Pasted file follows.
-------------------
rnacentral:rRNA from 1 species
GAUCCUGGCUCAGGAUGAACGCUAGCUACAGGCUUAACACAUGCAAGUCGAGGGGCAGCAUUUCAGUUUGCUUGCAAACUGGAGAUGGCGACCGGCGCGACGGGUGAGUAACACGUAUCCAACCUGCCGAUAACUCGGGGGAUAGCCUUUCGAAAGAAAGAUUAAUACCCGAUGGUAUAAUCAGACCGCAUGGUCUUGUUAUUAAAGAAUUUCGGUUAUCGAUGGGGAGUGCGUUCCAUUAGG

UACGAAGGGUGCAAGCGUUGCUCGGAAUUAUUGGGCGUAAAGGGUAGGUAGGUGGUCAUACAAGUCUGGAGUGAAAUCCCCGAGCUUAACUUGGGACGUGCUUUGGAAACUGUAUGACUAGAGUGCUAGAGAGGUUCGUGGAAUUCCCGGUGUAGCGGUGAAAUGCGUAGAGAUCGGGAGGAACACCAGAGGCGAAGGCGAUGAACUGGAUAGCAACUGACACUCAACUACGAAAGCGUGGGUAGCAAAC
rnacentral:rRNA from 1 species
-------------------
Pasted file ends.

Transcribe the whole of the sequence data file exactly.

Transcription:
rnacentral:rRNA from 1 species
GAUCCUGGCUCAGGAUGAACGCUAGCUACAGGCUUAACACAUGCAAGUCGAGGGGCAGCAUUUCAGUUUGCUUGCAAACUGGAGAUGGCGACCGGCGCGACGGGUGAGUAACACGUAUCCAACCUGCCGAUAACUCGGGGGAUAGCCUUUCGAAAGAAAGAUUAAUACCCGAUGGUAUAAUCAGACCGCAUGGUCUUGUUAUUAAAGAAUUUCGGUUAUCGAUGGGGAGUGCGUUCCAUUAGG

UACGAAGGGUGCAAGCGUUGCUCGGAAUUAUUGGGCGUAAAGGGUAGGUAGGUGGUCAUACAAGUCUGGAGUGAAAUCCCCGAGCUUAACUUGGGACGUGCUUUGGAAACUGUAUGACUAGAGUGCUAGAGAGGUUCGUGGAAUUCCCGGUGUAGCGGUGAAAUGCGUAGAGAUCGGGAGGAACACCAGAGGCGAAGGCGAUGAACUGGAUAGCAACUGACACUCAACUACGAAAGCGUGGGUAGCAAAC
rnacentral:rRNA from 1 species